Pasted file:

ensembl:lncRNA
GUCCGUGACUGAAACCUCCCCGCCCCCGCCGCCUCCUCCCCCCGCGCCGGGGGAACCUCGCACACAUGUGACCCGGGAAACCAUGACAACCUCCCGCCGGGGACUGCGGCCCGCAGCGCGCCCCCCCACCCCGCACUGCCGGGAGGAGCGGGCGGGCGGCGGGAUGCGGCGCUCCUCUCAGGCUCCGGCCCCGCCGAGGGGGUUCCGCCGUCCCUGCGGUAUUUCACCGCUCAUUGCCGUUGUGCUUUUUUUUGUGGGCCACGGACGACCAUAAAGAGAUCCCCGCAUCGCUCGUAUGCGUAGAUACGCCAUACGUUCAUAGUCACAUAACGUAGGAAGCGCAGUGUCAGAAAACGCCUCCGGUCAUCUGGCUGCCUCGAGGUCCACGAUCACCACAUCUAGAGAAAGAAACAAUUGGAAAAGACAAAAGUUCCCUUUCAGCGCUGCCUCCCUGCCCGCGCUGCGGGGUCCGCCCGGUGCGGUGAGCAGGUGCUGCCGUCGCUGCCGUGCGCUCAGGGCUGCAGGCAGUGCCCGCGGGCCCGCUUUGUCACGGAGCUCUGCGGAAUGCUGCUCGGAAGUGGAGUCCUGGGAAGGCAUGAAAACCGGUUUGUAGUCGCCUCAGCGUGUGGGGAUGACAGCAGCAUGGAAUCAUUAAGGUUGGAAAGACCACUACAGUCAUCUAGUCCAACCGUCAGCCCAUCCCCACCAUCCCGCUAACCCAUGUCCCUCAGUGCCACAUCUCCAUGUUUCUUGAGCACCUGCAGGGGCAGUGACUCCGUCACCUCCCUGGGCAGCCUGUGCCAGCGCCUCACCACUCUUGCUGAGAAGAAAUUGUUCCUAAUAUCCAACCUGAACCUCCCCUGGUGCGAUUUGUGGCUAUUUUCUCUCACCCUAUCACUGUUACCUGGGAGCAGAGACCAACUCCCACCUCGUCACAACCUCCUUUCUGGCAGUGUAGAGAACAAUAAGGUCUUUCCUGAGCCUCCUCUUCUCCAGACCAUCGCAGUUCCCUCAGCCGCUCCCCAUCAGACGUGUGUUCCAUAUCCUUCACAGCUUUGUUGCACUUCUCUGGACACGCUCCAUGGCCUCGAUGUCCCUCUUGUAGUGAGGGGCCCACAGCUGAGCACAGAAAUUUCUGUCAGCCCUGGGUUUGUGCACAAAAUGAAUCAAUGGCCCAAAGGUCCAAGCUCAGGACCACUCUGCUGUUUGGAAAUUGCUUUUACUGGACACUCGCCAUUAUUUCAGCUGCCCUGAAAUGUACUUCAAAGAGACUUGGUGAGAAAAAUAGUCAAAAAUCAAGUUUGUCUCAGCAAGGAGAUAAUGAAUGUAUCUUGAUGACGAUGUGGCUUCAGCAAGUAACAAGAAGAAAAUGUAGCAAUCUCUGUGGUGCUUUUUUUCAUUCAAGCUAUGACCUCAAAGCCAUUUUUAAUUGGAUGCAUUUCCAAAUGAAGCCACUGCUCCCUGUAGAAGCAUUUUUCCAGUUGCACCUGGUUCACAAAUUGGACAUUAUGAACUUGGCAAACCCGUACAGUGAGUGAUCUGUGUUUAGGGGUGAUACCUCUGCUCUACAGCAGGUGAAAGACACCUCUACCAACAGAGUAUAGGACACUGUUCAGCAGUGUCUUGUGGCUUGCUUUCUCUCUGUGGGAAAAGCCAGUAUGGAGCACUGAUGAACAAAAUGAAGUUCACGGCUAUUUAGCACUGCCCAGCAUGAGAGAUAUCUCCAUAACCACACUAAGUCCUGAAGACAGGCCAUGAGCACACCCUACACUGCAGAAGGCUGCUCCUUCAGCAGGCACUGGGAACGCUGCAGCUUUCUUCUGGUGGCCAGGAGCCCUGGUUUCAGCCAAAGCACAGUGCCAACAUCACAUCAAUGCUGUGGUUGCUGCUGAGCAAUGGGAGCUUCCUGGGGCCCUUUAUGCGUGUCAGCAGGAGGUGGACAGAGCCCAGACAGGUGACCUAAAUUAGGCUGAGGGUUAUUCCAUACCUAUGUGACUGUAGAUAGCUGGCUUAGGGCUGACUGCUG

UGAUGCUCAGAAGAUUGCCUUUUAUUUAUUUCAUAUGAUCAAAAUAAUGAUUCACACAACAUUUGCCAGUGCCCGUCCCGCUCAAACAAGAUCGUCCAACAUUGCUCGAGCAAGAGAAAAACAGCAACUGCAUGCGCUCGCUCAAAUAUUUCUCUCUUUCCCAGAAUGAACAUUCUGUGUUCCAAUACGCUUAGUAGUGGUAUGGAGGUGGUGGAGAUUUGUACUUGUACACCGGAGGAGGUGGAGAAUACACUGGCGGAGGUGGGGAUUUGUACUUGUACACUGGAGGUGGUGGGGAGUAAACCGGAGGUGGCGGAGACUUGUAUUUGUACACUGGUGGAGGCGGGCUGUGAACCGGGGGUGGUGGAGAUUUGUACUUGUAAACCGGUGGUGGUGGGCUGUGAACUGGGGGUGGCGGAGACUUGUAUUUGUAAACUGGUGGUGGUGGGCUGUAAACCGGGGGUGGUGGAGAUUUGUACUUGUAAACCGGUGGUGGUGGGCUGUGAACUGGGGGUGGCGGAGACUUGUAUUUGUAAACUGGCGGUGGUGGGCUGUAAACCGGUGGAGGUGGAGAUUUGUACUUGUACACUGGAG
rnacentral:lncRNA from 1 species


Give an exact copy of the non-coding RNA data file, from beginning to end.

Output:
ensembl:lncRNA
GUCCGUGACUGAAACCUCCCCGCCCCCGCCGCCUCCUCCCCCCGCGCCGGGGGAACCUCGCACACAUGUGACCCGGGAAACCAUGACAACCUCCCGCCGGGGACUGCGGCCCGCAGCGCGCCCCCCCACCCCGCACUGCCGGGAGGAGCGGGCGGGCGGCGGGAUGCGGCGCUCCUCUCAGGCUCCGGCCCCGCCGAGGGGGUUCCGCCGUCCCUGCGGUAUUUCACCGCUCAUUGCCGUUGUGCUUUUUUUUGUGGGCCACGGACGACCAUAAAGAGAUCCCCGCAUCGCUCGUAUGCGUAGAUACGCCAUACGUUCAUAGUCACAUAACGUAGGAAGCGCAGUGUCAGAAAACGCCUCCGGUCAUCUGGCUGCCUCGAGGUCCACGAUCACCACAUCUAGAGAAAGAAACAAUUGGAAAAGACAAAAGUUCCCUUUCAGCGCUGCCUCCCUGCCCGCGCUGCGGGGUCCGCCCGGUGCGGUGAGCAGGUGCUGCCGUCGCUGCCGUGCGCUCAGGGCUGCAGGCAGUGCCCGCGGGCCCGCUUUGUCACGGAGCUCUGCGGAAUGCUGCUCGGAAGUGGAGUCCUGGGAAGGCAUGAAAACCGGUUUGUAGUCGCCUCAGCGUGUGGGGAUGACAGCAGCAUGGAAUCAUUAAGGUUGGAAAGACCACUACAGUCAUCUAGUCCAACCGUCAGCCCAUCCCCACCAUCCCGCUAACCCAUGUCCCUCAGUGCCACAUCUCCAUGUUUCUUGAGCACCUGCAGGGGCAGUGACUCCGUCACCUCCCUGGGCAGCCUGUGCCAGCGCCUCACCACUCUUGCUGAGAAGAAAUUGUUCCUAAUAUCCAACCUGAACCUCCCCUGGUGCGAUUUGUGGCUAUUUUCUCUCACCCUAUCACUGUUACCUGGGAGCAGAGACCAACUCCCACCUCGUCACAACCUCCUUUCUGGCAGUGUAGAGAACAAUAAGGUCUUUCCUGAGCCUCCUCUUCUCCAGACCAUCGCAGUUCCCUCAGCCGCUCCCCAUCAGACGUGUGUUCCAUAUCCUUCACAGCUUUGUUGCACUUCUCUGGACACGCUCCAUGGCCUCGAUGUCCCUCUUGUAGUGAGGGGCCCACAGCUGAGCACAGAAAUUUCUGUCAGCCCUGGGUUUGUGCACAAAAUGAAUCAAUGGCCCAAAGGUCCAAGCUCAGGACCACUCUGCUGUUUGGAAAUUGCUUUUACUGGACACUCGCCAUUAUUUCAGCUGCCCUGAAAUGUACUUCAAAGAGACUUGGUGAGAAAAAUAGUCAAAAAUCAAGUUUGUCUCAGCAAGGAGAUAAUGAAUGUAUCUUGAUGACGAUGUGGCUUCAGCAAGUAACAAGAAGAAAAUGUAGCAAUCUCUGUGGUGCUUUUUUUCAUUCAAGCUAUGACCUCAAAGCCAUUUUUAAUUGGAUGCAUUUCCAAAUGAAGCCACUGCUCCCUGUAGAAGCAUUUUUCCAGUUGCACCUGGUUCACAAAUUGGACAUUAUGAACUUGGCAAACCCGUACAGUGAGUGAUCUGUGUUUAGGGGUGAUACCUCUGCUCUACAGCAGGUGAAAGACACCUCUACCAACAGAGUAUAGGACACUGUUCAGCAGUGUCUUGUGGCUUGCUUUCUCUCUGUGGGAAAAGCCAGUAUGGAGCACUGAUGAACAAAAUGAAGUUCACGGCUAUUUAGCACUGCCCAGCAUGAGAGAUAUCUCCAUAACCACACUAAGUCCUGAAGACAGGCCAUGAGCACACCCUACACUGCAGAAGGCUGCUCCUUCAGCAGGCACUGGGAACGCUGCAGCUUUCUUCUGGUGGCCAGGAGCCCUGGUUUCAGCCAAAGCACAGUGCCAACAUCACAUCAAUGCUGUGGUUGCUGCUGAGCAAUGGGAGCUUCCUGGGGCCCUUUAUGCGUGUCAGCAGGAGGUGGACAGAGCCCAGACAGGUGACCUAAAUUAGGCUGAGGGUUAUUCCAUACCUAUGUGACUGUAGAUAGCUGGCUUAGGGCUGACUGCUG

UGAUGCUCAGAAGAUUGCCUUUUAUUUAUUUCAUAUGAUCAAAAUAAUGAUUCACACAACAUUUGCCAGUGCCCGUCCCGCUCAAACAAGAUCGUCCAACAUUGCUCGAGCAAGAGAAAAACAGCAACUGCAUGCGCUCGCUCAAAUAUUUCUCUCUUUCCCAGAAUGAACAUUCUGUGUUCCAAUACGCUUAGUAGUGGUAUGGAGGUGGUGGAGAUUUGUACUUGUACACCGGAGGAGGUGGAGAAUACACUGGCGGAGGUGGGGAUUUGUACUUGUACACUGGAGGUGGUGGGGAGUAAACCGGAGGUGGCGGAGACUUGUAUUUGUACACUGGUGGAGGCGGGCUGUGAACCGGGGGUGGUGGAGAUUUGUACUUGUAAACCGGUGGUGGUGGGCUGUGAACUGGGGGUGGCGGAGACUUGUAUUUGUAAACUGGUGGUGGUGGGCUGUAAACCGGGGGUGGUGGAGAUUUGUACUUGUAAACCGGUGGUGGUGGGCUGUGAACUGGGGGUGGCGGAGACUUGUAUUUGUAAACUGGCGGUGGUGGGCUGUAAACCGGUGGAGGUGGAGAUUUGUACUUGUACACUGGAG
rnacentral:lncRNA from 1 species